The third big criticism of “Barbie Girl” is that it sexualised Barbie. There’s no way of refuting this – it’s much of the point of the record, and even if the lyrics had no undressing or hanky panky, the entire duet dynamic relies on smutty oversinging, So why not go all in? Another way of hearing “Barbie Girl” is as a consensual kink scene – playing dolls as playing roles. The (glorious) video even backs this up to an extent: Barbie World may well be Barbie’s world, but Lene and René are certainly making no attempt to cosplay Barbie and Ken (“Why is Ken bald?” cry several of the 110 million YouTube viewers). They’re tourists here, having a splashy delight of a time, acting like naughty toys. In the final scenes someone dressed very like an actual Ken shows up, and looks – like Mattel – entirely horrified.

A footnote: In my outline of branding I’ve stuck to the past tense because attitudes have shifted a little recently – the Internet has forced brand image to become more flexible and has seen a huge surge of interest in ‘user experience’ which connects brands and products more intimately. This will end up being important to Popular – honest! – as you can also see a difference in how pop acts are conceived and marketed. Meanwhile, Aqua’s ambiguity is something a savvier company can and will catch up with – after years of embarrassingly trying to sue the band, Mattel inevitably ended up in 2009 just adapting “Barbie Girl” for an ad campaign.



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  1. 31
    Rory on 2 Apr 2014 #

    I had somehow missed this song’s growing reputation as the Worst Ever, although remembering its late-1990s reception it shouldn’t surprise me. I might have been tempted to think that myself, given my musical proclivities, if not for the fact that my wife loved it, and Aquarium was rarely off our CD player at one point. Aquarium has a fair claim to being the Europop album of the 1990s (but as the Bunny shall eventually reveal, only my second-favourite Europop album of the decade): looking at its Wikipedia entry I see that seven of its 11 tracks were singles, which isn’t that surprising – the surprise is that some of the remaining tracks didn’t form an 8th or 9th. I’ve just relistened to it, and only one track (“Be a Man”) strikes me as a weak single prospect, which is pretty incredible.

    Thinking on it now, I realise that I’ve always grouped Aqua in my mind with No Doubt, with “Just a Girl” and “Barbie Girl” as the mission-statement hits, and parallels in their subsequent singles as well. The cover of Tragic Kingdom also has echoes of what Aqua did with theirs, all bright and cartoony. The strong Aquarium brand replaced a couple of more literal single covers for their first two Danish singles (photos of the band visiting an aquarium), and feels like a master-stroke of marketing. It’s hard, too, to imagine them doing as well with their original band-name of Joyspeed, although it does suit their music. (If you’re curious to hear what proto-Aqua sounds like, YouTube provides. Of course it would be a nursery rhyme. Not only that, but my daughter’s favourite nursery rhyme. I’ll have to try the rap section on her.)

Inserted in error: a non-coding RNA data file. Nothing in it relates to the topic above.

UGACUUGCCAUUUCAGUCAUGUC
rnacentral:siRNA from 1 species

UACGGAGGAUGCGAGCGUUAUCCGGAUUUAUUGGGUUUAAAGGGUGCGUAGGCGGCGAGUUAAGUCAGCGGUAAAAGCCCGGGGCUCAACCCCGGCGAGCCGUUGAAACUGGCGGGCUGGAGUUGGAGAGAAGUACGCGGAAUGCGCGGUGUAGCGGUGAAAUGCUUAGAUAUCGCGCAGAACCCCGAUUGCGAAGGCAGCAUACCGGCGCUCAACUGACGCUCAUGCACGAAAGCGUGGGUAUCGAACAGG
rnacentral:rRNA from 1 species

I don’t remember ever doubting the subversive stance of “Barbie Girl”, or thinking that it was a simple celebration of the toy. Some of that must be down to my wife, whose ingrained feminism wouldn’t have let her enjoy any sort of uncritical celebration of Barbie, not even ironically. But the clues aren’t exactly hidden. “Life in plastic, it’s fantastic” was obviously not to be taken at face-value in the late 1990s, when “plastic” had long been a byword for fakery and cheapness, not to mention its reputation as an environmental menace and symbol of overconsumption. (I read this fascinating history of it around that time, which gave me a better appreciation of the much-maligned stuff, but there was no doubting its popular reputation.)

    I’m amazed to see “Barbie Girl” described (on the blurb at the top of its Deezer page) as “one of those inexplicable pop culture phenomena”: what’s inexplicable about a song crammed with hooks which can be enjoyed on multiple levels becoming a hit? I wouldn’t dismiss those who hate “Barbie Girl” – if you don’t like Europop you’re gonna hate this, and even if you do this could irritate in other ways – but there’s no way I can give one of the key songs of the ’90s anything less than 8.

  2. 32
    Tom on 2 Apr 2014 #

    (The critic I was referring to in the piece who took BG at face value was J1m D3r0G4t1s who is reliably tin-eared about everything)

  3. 33
    Cumbrian on 2 Apr 2014 #

    #26: This is interesting (to me at least). I think a functional problem for quite a bit of the research that is done in my organisation is that none of us have kids – there are few of us of the age that are even considering it to be honest – and I think it inarguable that, although the sample size is small, constant immersion in what is going on is more instructive than getting 2 hours worth of time with a wide variety of kids on a semi regular basis.

    There’s definitely a sense that kids will quickly discard things when they find them babyish and we see that a lot. That said, the number of 7 year olds still hanging in with relatively young products that I have seen has given me a bit of pause. Ultimately, I suspect it is about stages not ages, and have seen evidence that kids quickly learn about the types of things that they won’t talk about with other kids (in case they get teased) but will continue to enjoy on their own. Children obviously mature at different rates, so it seems sensible to view their world through this prism – but it is very difficult when business is generally done on the ages that children are at (for good reason in the main, as they are still likely the easiest way to draw some generalities that can be aimed at – NB: I wrote and hit comment on this before seeing your comment at 29 – I too have a bit of a distrust of target demographics but have to use them, otherwise I’m not going to get anywhere in terms of delivering required work in company).